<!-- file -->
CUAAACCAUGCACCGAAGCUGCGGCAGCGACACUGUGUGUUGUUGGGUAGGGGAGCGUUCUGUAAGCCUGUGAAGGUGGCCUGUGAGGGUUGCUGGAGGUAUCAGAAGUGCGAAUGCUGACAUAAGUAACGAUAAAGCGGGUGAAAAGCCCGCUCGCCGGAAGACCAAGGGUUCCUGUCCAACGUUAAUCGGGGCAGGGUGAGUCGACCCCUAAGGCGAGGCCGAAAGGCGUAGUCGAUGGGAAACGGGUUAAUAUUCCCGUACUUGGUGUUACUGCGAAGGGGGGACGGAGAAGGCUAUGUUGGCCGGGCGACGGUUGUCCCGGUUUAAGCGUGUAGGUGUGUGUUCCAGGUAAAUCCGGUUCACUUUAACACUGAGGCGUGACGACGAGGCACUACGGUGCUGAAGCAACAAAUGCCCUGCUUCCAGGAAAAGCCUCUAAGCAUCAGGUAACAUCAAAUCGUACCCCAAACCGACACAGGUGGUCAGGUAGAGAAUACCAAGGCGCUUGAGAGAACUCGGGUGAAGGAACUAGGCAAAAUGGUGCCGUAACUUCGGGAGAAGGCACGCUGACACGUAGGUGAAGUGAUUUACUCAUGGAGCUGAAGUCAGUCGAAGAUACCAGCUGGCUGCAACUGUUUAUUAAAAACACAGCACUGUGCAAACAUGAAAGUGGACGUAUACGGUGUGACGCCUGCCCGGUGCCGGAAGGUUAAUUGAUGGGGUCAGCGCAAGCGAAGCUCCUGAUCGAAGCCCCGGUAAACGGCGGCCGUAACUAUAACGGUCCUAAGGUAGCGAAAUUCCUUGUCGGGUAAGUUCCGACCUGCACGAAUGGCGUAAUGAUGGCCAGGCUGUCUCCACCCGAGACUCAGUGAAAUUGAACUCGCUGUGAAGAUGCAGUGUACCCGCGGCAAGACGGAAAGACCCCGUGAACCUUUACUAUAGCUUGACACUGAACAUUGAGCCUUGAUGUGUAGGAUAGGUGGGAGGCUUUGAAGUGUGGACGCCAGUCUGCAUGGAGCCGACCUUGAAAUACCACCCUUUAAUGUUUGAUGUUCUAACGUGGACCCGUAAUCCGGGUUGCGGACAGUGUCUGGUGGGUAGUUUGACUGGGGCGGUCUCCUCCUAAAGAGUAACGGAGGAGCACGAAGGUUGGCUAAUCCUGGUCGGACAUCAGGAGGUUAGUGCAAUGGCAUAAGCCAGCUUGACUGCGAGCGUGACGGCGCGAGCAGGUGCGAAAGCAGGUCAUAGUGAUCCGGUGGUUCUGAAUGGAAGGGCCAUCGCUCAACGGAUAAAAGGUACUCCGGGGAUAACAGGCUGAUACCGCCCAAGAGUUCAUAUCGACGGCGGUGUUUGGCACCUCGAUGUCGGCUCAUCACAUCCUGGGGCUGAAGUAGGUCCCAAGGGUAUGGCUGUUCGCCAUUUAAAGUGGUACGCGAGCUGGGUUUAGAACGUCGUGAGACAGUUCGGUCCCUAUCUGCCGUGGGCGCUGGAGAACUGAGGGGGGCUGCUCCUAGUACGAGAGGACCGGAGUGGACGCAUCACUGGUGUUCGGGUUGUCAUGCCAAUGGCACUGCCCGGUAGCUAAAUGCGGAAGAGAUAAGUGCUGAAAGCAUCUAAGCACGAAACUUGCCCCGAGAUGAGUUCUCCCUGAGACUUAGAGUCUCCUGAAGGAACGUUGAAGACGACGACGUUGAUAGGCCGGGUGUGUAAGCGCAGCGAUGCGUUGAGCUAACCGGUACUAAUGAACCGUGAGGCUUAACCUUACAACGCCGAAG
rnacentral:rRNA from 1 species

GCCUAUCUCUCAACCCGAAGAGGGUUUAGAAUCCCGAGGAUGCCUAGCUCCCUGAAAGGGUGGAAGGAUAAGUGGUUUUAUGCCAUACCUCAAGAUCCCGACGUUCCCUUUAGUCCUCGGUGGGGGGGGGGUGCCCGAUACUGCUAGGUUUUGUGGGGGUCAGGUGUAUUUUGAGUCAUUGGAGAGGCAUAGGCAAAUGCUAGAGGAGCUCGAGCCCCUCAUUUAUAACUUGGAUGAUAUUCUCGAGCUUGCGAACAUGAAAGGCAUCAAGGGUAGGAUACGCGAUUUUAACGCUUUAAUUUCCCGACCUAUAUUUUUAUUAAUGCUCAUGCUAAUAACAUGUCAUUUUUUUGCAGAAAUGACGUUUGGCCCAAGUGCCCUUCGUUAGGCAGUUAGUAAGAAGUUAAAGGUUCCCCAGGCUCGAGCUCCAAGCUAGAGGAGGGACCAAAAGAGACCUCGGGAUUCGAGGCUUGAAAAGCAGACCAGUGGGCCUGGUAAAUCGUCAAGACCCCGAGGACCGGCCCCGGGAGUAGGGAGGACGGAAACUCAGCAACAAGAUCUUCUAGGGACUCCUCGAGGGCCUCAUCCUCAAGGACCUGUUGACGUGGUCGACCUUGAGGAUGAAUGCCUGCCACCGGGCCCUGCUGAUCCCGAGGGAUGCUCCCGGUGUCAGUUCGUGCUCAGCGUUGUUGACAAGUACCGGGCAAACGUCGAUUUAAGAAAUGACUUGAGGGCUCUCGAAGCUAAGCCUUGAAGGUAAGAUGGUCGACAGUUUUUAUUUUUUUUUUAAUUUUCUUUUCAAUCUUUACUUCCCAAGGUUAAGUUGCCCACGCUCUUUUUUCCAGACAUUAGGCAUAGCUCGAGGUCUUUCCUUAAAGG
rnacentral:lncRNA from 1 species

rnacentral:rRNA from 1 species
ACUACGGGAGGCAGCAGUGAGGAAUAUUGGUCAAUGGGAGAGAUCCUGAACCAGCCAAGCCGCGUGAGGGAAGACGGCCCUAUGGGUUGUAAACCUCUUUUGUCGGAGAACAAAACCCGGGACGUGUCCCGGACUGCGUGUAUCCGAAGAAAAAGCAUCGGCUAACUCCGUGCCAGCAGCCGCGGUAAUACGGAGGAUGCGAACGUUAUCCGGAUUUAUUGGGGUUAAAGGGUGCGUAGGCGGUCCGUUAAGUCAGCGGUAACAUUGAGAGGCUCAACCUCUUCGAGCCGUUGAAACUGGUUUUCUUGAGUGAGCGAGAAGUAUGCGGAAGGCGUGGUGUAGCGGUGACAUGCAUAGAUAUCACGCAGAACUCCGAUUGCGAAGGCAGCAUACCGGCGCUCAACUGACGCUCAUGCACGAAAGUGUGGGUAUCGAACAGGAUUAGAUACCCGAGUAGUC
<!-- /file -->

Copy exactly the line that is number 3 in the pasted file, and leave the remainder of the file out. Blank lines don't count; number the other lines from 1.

GCCUAUCUCUCAACCCGAAGAGGGUUUAGAAUCCCGAGGAUGCCUAGCUCCCUGAAAGGGUGGAAGGAUAAGUGGUUUUAUGCCAUACCUCAAGAUCCCGACGUUCCCUUUAGUCCUCGGUGGGGGGGGGGUGCCCGAUACUGCUAGGUUUUGUGGGGGUCAGGUGUAUUUUGAGUCAUUGGAGAGGCAUAGGCAAAUGCUAGAGGAGCUCGAGCCCCUCAUUUAUAACUUGGAUGAUAUUCUCGAGCUUGCGAACAUGAAAGGCAUCAAGGGUAGGAUACGCGAUUUUAACGCUUUAAUUUCCCGACCUAUAUUUUUAUUAAUGCUCAUGCUAAUAACAUGUCAUUUUUUUGCAGAAAUGACGUUUGGCCCAAGUGCCCUUCGUUAGGCAGUUAGUAAGAAGUUAAAGGUUCCCCAGGCUCGAGCUCCAAGCUAGAGGAGGGACCAAAAGAGACCUCGGGAUUCGAGGCUUGAAAAGCAGACCAGUGGGCCUGGUAAAUCGUCAAGACCCCGAGGACCGGCCCCGGGAGUAGGGAGGACGGAAACUCAGCAACAAGAUCUUCUAGGGACUCCUCGAGGGCCUCAUCCUCAAGGACCUGUUGACGUGGUCGACCUUGAGGAUGAAUGCCUGCCACCGGGCCCUGCUGAUCCCGAGGGAUGCUCCCGGUGUCAGUUCGUGCUCAGCGUUGUUGACAAGUACCGGGCAAACGUCGAUUUAAGAAAUGACUUGAGGGCUCUCGAAGCUAAGCCUUGAAGGUAAGAUGGUCGACAGUUUUUAUUUUUUUUUUAAUUUUCUUUUCAAUCUUUACUUCCCAAGGUUAAGUUGCCCACGCUCUUUUUUCCAGACAUUAGGCAUAGCUCGAGGUCUUUCCUUAAAGG